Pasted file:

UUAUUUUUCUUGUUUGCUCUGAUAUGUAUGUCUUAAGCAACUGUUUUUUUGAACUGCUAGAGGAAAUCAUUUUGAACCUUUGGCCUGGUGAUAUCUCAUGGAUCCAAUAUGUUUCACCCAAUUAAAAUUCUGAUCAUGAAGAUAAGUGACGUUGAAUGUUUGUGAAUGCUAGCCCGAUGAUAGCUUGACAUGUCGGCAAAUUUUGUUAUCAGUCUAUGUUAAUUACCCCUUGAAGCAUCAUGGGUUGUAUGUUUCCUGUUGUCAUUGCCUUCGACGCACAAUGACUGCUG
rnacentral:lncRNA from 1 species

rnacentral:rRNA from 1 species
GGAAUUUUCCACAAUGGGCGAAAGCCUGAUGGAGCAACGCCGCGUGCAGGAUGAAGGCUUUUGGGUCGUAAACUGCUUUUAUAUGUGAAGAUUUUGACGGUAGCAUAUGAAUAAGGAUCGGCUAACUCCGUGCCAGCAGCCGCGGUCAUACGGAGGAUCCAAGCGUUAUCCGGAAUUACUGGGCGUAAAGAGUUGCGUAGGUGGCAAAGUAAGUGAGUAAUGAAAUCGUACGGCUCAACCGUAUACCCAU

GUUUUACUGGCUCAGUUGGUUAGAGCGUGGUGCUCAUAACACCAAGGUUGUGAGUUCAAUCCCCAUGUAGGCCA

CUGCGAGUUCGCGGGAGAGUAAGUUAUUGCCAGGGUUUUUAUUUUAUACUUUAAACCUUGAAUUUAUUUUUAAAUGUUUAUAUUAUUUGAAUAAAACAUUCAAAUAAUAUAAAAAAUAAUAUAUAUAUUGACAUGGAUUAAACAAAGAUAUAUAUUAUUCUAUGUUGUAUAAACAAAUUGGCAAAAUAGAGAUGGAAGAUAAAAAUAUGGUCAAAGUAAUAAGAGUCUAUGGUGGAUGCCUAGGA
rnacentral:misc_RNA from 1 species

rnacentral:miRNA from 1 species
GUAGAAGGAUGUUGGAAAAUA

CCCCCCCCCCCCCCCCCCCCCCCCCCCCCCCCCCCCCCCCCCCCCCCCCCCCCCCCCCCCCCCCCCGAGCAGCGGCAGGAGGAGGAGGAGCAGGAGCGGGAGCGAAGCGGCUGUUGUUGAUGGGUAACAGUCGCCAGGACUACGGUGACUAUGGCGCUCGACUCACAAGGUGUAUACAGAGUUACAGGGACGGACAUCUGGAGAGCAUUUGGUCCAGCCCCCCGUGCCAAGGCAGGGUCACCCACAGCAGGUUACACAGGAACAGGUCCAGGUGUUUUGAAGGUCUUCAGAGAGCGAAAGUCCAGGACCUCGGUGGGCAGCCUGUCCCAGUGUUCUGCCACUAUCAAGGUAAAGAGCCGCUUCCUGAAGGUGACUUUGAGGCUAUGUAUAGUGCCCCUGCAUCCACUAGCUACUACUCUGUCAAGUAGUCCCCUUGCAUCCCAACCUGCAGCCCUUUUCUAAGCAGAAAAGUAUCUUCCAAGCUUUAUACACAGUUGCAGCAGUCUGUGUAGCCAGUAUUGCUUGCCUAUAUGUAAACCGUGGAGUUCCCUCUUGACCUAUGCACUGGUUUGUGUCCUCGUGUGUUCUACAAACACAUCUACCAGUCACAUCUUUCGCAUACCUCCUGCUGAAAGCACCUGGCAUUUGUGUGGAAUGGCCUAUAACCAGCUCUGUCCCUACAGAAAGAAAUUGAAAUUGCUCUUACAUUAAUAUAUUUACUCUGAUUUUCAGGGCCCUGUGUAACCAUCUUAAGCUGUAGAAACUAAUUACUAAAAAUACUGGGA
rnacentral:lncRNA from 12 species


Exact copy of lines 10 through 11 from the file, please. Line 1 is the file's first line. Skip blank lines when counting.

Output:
CCCCCCCCCCCCCCCCCCCCCCCCCCCCCCCCCCCCCCCCCCCCCCCCCCCCCCCCCCCCCCCCCCGAGCAGCGGCAGGAGGAGGAGGAGCAGGAGCGGGAGCGAAGCGGCUGUUGUUGAUGGGUAACAGUCGCCAGGACUACGGUGACUAUGGCGCUCGACUCACAAGGUGUAUACAGAGUUACAGGGACGGACAUCUGGAGAGCAUUUGGUCCAGCCCCCCGUGCCAAGGCAGGGUCACCCACAGCAGGUUACACAGGAACAGGUCCAGGUGUUUUGAAGGUCUUCAGAGAGCGAAAGUCCAGGACCUCGGUGGGCAGCCUGUCCCAGUGUUCUGCCACUAUCAAGGUAAAGAGCCGCUUCCUGAAGGUGACUUUGAGGCUAUGUAUAGUGCCCCUGCAUCCACUAGCUACUACUCUGUCAAGUAGUCCCCUUGCAUCCCAACCUGCAGCCCUUUUCUAAGCAGAAAAGUAUCUUCCAAGCUUUAUACACAGUUGCAGCAGUCUGUGUAGCCAGUAUUGCUUGCCUAUAUGUAAACCGUGGAGUUCCCUCUUGACCUAUGCACUGGUUUGUGUCCUCGUGUGUUCUACAAACACAUCUACCAGUCACAUCUUUCGCAUACCUCCUGCUGAAAGCACCUGGCAUUUGUGUGGAAUGGCCUAUAACCAGCUCUGUCCCUACAGAAAGAAAUUGAAAUUGCUCUUACAUUAAUAUAUUUACUCUGAUUUUCAGGGCCCUGUGUAACCAUCUUAAGCUGUAGAAACUAAUUACUAAAAAUACUGGGA
rnacentral:lncRNA from 12 species